Sunday, July 27, 2008

Thoughts on the First Year

My blogging skills are rusty.

Went back to Chicago for the weekend - we did not sublet our apartment for the summer - decided to eat the expense for the sake of sanity. But I think I don't really like Chicago that much. I'm not sure what it is but just 36 hours in the city left me feeling irritable. I am interning in a small Midwest city that I did not expect to like much but compared to Chicago it feels clean and friendly and traffic free and I was happy to come back.

Anyhow ... this is a post I have been meaning to write since the end of the quarter. What was the first year all about, how do I feel about the experience, where to from here?

Wasn't this supposed to be fun?

As I've mentioned, the first year was far less fun than expected. Granted, my situation (baby under one year) and mentality (take the hardest load possible, skip all the intro classes) made it worse but the idea that an MBA is a slacker degree chock full of R&R is somewhat misplaced. You still fight to find a job. Deal with irritating group members. Are subject to arcane and mysterious grading policies. Are spending a fantastically awful sum on tuition. Sit through brilliantly boring lectures. May be beholden to the whims of egotistical, unethical professors. (Thanks again NGD.) Worry about your career and your future. It's not the magic ticket to happiness.

Which brings me to the big lesson of the year.

It doesn't pay to work hard

If you're a nerd from the lower rungs of the socio-economic ladder, you hold most dear the idea that all that stands between you and success is brains and hours of work: attend the hardest schools, take the hardest classes, build up the resume and all will be right with your world.
  • Well, I think I landed my current internship primarily because I hit it off with folks.
  • Greatest homework hours <> greatest learning this quarter
  • More effort on homework <> better grades but = unhappy family, unhappy me

As a couple of second years wisely advised while ferrying my home from the Harper Center at midnight during spring quarter finals - you will never regret not working harder during the MBA.

Which brings me to the bigger lesson of the year

It's all about Reputation and Relationships

Certainly, a reputation for being a hard worker is a desirable thing but that doesn't mean that you have to forsake your happiness and health in the meantime. By simply getting into the GSB you have solidified an important reputational milestone ... and secured an invaluable relationship network. To me, this has become the sole redeeming feature of the MBA. It's not the classes, it's the people. I am currently at a fund with a significant number of employees who are GSB grads which is a big bonding factor. But you can't bond with folks if you are stuck behind your computer screen all day - either as a student or as a worker. Yes, it's important that your class/work mates know you for your integrity and work ethic rather than a habit to show up 45 minutes late for everything and artfully dodge responsibility for your portion of the homework but more important is that they know you. So ... pick a MBA program where you will respect your fellow students and future alumni and then ... enjoy yourself. (Most of you probably don't need such advice, but I could have used the "enjoy yourself" bit a year ago.)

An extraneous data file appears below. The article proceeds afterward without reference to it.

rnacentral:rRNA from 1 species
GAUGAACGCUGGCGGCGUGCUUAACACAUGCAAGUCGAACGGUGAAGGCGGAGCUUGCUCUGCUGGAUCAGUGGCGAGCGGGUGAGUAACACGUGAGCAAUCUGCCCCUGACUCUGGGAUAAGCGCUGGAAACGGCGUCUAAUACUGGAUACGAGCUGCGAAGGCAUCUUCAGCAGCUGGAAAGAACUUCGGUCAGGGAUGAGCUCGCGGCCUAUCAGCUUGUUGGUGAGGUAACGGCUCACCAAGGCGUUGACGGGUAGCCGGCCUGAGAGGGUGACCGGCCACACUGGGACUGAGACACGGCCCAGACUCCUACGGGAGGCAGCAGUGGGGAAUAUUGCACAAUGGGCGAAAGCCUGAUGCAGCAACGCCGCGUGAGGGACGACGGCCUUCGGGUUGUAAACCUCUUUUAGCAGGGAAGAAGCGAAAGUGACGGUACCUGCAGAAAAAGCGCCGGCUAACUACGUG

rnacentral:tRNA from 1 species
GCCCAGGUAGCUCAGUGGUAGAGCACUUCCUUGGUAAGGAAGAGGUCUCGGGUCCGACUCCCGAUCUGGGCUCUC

Baby + MBA/career is completely doable

Yeah, it does make it a little harder and make one especially unsympathetic to the complaints of childless classmates about how tough it is to find time to finish homework but, as I've said before, the class work doesn't really matter. What matters is that you get into a great school and that you get the degree and that you come out with a top notch job. And you fellow mamas can do that. There's nothing like a baby to hone the priorities, maximize your efficiency and light the fire in your belly to get the job done and get back home for some cuddle time. The MBA will make your career + baby easier, not harder, and school is a great time to give you more time with the little one.